The Soldier's Home


My untried muse shall no high tone assume,
Nor strut in arms;—farewell my cap and plume:
Brief be my verse, a task within my power,
I tell my feelings in one happy hour;
But what an hour was that! when from the main5
I reach’d this lovely valley once again!
A glorious harvest fill’d my eager sight,
Half shock’d, half waving in a flood of light;
On that poor cottage roof where I was born
The sun look’d down as in life’s early morn.10
I gazed around, but not a soul appear’d,
I listen’d on the threshold, nothing heard;
I call’d my father thrice, but no one came;
It was not fear or grief that shook my frame,
But an o’erpowering sense of peace and home,15
Of toils gone by, perhaps of joys to come.
The door invitingly stood open wide,
I shook my dust, and set my staff aside.
How sweet it was to breathe that cooler air,
And take possession of my father’s chair!20
Beneath my elbow, on the solid frame,
Appear’d the rough initials of my name,
Cut forty years before!—the same old clock
Struck the same bell, and gave my heart a shock
I never can forget. A short breeze sprung,25
And while a sigh was trembling on my tongue,
Caught the old dangling almanacks behind,
And up they flew, like banners in the wind;
Then gently, singly, down, down, down, they went,
And told of twenty years that I had spent30
Far from my native land:—that instant came
A robin on the threshold; though so tame,
At first he look’d distrustful, almost shy,
And cast on me his coal-black stedfast eye,
And seem’d to say (past friendship to renew)35
‘Ah ha! old worn-out soldier, is it you?’
Through the room ranged the imprison’d humble bee,
And bomb’d, and bounced, and struggled to be free,
Dashing against the panes with sullen roar,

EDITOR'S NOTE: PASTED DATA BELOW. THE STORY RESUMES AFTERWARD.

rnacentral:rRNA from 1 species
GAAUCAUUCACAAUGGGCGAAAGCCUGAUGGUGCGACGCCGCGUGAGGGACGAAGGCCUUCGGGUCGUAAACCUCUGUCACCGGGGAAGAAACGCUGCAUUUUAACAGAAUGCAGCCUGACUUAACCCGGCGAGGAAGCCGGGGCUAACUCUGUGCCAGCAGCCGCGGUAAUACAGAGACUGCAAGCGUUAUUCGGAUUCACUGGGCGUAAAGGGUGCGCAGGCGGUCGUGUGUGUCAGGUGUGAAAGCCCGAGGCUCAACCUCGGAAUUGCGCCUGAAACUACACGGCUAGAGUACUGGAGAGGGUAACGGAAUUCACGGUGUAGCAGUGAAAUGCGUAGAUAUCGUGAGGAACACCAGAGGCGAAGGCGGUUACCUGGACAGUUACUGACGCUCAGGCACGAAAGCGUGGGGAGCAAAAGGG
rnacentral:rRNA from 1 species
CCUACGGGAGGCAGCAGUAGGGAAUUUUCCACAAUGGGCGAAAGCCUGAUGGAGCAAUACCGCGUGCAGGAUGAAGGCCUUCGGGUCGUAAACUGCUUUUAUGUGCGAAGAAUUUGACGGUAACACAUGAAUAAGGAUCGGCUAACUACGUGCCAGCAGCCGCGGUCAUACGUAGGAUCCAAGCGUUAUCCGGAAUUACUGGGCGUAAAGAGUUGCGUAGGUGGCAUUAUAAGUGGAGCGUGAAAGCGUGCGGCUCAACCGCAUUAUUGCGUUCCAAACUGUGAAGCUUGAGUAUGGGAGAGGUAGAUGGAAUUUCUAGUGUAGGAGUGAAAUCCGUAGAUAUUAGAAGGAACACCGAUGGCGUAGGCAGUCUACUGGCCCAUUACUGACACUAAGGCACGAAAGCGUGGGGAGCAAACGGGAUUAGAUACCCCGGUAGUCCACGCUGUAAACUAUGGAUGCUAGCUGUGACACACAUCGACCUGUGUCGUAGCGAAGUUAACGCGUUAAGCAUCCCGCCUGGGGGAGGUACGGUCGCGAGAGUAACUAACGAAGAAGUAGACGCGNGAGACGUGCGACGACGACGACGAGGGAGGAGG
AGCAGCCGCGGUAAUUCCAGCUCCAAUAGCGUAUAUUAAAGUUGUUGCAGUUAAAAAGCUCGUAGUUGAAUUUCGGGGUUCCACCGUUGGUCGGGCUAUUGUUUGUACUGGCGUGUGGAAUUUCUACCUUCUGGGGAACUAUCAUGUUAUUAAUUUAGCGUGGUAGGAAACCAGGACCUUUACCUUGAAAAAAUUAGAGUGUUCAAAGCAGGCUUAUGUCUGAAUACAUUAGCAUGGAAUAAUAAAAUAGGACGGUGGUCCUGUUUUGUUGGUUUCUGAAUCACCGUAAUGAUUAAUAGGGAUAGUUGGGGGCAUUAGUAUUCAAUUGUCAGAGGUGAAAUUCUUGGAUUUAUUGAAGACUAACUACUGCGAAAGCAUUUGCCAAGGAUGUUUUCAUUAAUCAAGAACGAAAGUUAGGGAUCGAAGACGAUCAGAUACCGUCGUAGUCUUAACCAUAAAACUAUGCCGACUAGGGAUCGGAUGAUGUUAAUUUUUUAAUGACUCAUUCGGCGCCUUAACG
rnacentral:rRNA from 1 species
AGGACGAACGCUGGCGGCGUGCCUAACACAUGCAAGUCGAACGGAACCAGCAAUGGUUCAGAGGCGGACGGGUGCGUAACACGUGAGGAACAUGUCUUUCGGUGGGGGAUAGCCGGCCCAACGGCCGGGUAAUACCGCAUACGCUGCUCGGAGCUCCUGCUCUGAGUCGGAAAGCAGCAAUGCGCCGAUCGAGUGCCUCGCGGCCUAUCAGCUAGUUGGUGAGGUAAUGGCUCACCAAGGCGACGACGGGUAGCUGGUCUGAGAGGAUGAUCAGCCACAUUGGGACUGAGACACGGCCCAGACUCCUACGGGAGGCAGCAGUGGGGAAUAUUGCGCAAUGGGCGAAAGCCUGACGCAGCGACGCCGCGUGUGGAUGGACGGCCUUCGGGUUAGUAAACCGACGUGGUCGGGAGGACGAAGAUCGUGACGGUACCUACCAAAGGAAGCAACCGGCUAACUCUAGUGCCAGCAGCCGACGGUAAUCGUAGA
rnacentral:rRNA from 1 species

That threw their diamond sunlight on the floor;40
That floor, clean sanded, where my fancy stray’d
O’er undulating waves the broom had made,
Reminding me of those of hideous forms
That met us as we pass’d the Cape of Storms, [1] 
Where high and loud they break, and peace comes never;45
They roll and foam, and roll and foam for ever.
But here was peace, that peace which home can yield;
The grasshopper, the partridge in the field,
And ticking clock, were all at once become
The substitutes for clarion, fife, and drum.50
While thus I mused, still gazing, gazing still
On beds of moss that spread the window sill,
I deem’d no moss my eyes had ever seen
Had been so lovely, brilliant, fresh, and green,
And guess’d some infant hand had placed it there,55
And prized its hue, so exquisite, so rare.
Feelings on feelings mingling, doubling rose,
My heart felt every thing but calm repose;
I could not reckon minutes, hours, nor years,
But rose at once, and bursted into tears;60
Then, like a fool, confused, sat down again,
And thought upon the past with shame and pain;
I raved at war and all its horrid cost,
And glory’s quagmire, where the brave are lost.
On carnage, fire, and plunder, long I mused,65
And cursed the murdering weapons I had used.
Two shadows then I saw, two voices heard,
One bespoke age, and one a child’s appear’d.—
In stepp’d my father with convulsive start,
And in an instant clasp’d me to his heart.70
Close by him stood a little blue-eyed maid,